I don’t mean to brag, but I have a really cool name.
Obviously, my name is Mary Chase Breedlove.
I go by “Mary Chase”.
I love the looks I get from people when I introduce myself for the first time. I say, “Hi, my name is Mary Chase Breedlove,” and they say “Mary..Cha…what?” Sometimes they just smile and nod. It’s like my name is too much to take in at first. Sometimes people get thrown off by the fact that my middle name is a boy’s name. Sometimes people think “Chase” is my last name, so when I throw “Breedlove” in, they get really confused. Sometimes they think I’m saying “Grace” instead of “Chase”. At Centrifuge on year, a guy in my Bible study group asked me if I was sure that “Chase” was my middle name and not “Grace”. I said yes, I’m fairly certain. As for Breedlove–well it’s just a fun last name. It’s also very unusual, I haven’t met many Breedloves that I’m not related to.
Many people don’t know why my name is Mary Chase Breedlove. My first name, Mary, is after my mother. (Surprise! Pam’s first name is Mary. It’s Mary Pamela.) My mother (the “Mary” part) was named after her mother’s good friend.
My second name, Chase, has a very special meaning to my family. Before I was born, my parents had a daughter named Joanna. Joanna had a severe heart defect and passed away a few days after she was born. Her pediatric cardiologist was named Dr. Nancy Chase– Dr. Chase had a huge influence on my parents. She loved them and took care of them, even after Joanna died. My twin sister and I were born about year later, and Dr. Chase came to visit us because she knew one of the Breedlove twins would be named after her. Dr. Chase is the cat’s pajamas, too. She plays the bagpipes.
The name “Mary” is Hebrew for “bitter”. The name “Chase” means “hunter”.
Often I take the name “Mary” for granted. When I came to a college in the southeastern conference–better yet, in Mississippi–and joined a sorority, I heard almost every combination of “Mary + _____” as a signature southern double name. I’ve yet to meet a “Mary Chase”, however.
Last week I was reading a book that my mom gave me by Francine Rivers– it’s one of five novellas that explore the lives of five women who played a key role in the lineage of Jesus. I’m reading the fifth book, and it is about the life of Mary, the mother of Jesus. Now I know that this is a novella, that it is not an exact historical account of the thoughts and speech that occurred, but it definitely gives a fresh prospective on the stories I’ve heard all my life in church. And this passage gave a me a whole new prospective to my own name:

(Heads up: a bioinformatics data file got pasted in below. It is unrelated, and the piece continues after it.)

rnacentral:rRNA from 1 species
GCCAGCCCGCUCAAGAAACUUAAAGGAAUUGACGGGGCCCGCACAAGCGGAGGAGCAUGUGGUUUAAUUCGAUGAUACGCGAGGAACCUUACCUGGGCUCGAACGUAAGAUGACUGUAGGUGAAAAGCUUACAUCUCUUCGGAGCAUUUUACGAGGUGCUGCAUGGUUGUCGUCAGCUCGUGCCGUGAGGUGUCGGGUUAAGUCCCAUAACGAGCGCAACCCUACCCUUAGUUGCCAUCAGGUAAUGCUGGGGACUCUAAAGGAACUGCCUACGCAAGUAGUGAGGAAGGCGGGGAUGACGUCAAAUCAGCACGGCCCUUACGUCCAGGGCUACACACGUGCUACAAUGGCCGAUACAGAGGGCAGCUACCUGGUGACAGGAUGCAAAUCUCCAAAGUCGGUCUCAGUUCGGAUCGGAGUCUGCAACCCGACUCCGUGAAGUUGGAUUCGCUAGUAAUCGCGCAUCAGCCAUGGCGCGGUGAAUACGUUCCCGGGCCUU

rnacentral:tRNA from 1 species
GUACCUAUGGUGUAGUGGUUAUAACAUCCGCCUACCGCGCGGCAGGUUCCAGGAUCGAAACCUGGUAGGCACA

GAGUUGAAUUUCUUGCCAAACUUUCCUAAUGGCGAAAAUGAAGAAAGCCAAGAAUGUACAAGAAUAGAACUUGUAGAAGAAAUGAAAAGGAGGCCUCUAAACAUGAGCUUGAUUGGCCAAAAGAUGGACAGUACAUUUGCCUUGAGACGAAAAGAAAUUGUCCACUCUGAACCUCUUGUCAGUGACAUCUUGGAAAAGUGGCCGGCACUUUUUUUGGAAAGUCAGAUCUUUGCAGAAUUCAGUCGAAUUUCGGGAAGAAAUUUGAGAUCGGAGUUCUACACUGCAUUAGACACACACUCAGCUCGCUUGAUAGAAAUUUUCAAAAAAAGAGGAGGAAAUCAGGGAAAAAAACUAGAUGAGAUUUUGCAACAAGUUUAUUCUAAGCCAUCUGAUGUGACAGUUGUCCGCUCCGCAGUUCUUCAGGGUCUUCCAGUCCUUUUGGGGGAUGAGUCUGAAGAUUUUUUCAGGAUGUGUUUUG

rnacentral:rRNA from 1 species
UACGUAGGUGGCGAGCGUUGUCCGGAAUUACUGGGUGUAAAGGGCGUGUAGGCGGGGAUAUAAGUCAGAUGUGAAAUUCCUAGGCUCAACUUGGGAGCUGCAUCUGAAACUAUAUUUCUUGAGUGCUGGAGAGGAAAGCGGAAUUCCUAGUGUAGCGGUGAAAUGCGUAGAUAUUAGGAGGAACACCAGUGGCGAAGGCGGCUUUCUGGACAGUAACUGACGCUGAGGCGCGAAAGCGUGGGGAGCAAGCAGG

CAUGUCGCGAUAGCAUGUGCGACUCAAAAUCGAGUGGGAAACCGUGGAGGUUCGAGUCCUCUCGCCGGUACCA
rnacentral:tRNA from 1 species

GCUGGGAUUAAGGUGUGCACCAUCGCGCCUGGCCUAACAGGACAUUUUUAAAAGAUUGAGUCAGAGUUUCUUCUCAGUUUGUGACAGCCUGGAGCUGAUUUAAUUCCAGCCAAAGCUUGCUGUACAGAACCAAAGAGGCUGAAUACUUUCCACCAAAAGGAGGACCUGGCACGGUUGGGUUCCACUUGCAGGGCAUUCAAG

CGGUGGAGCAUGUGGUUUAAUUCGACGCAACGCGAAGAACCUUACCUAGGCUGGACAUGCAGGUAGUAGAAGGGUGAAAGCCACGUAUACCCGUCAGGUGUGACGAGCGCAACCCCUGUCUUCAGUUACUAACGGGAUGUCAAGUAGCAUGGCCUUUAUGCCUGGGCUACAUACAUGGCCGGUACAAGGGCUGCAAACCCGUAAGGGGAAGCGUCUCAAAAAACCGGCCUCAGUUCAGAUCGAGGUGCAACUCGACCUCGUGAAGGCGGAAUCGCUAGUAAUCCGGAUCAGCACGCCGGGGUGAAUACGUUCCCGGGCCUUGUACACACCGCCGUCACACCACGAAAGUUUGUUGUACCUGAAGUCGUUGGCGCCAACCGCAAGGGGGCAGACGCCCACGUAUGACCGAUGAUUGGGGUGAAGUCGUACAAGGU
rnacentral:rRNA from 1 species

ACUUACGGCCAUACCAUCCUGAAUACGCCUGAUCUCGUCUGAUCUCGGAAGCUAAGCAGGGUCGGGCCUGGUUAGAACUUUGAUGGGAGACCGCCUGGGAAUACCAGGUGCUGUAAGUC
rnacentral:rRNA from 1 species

Ah, but Anne understood. A son would work alongside his father. A son would go to synagogue and give distinction to his father. A son would provide for his mother if his father died. A son might one day grow up and stand against Israel’s oppressors. Or even turn out to be the long-awaited deliverer, the Messiah for whom all Israel prayed.
But a girl? What use was a girl, other than to share in the daily chores? She would simply be another mouth to feed until the time came for her father to find the proper husband.
“Won’t you please consider another name, my husband? There are so many Marys. It has become the most common name in all of Israel.”
“And when there are enough, perhaps the Lord will finally hear our cry!” Joachim’s voice broke. Color seeped into his cheeks as he looked away. “Her name shall be Mary.”
Anne studied her newborn’s face. “Mary”, she whispered. “My precious little Mary.” Her heart was heavy, for both of her daughters now bore a name that meant “bitterness and suffering”. The name Mary declared the depth of every Jew’s despair under oppression of Roman conquerors. Mary was a cry to the Lord for rescue.
“Lord, Lord, please let her name come to mean more than ‘bitterness and suffering.’ Let it come to mean ‘strength is from the Lord.’ Let it come to mean ‘God’s love upholds us.’ Let it mean ‘trust in God, and let nothing defeat faith in You.’ Oh Lord…let the name Mary remind us to obey without fear.”
A cry to the Lord for rescue–through Mary, He answered.
I should be reminded of that everyday. I bear the name of the person God used to send the Messiah to rescue us; He used the ordinary to bring the extraordinary, and it is my namesake.
I mean this when I say….that is just awesome.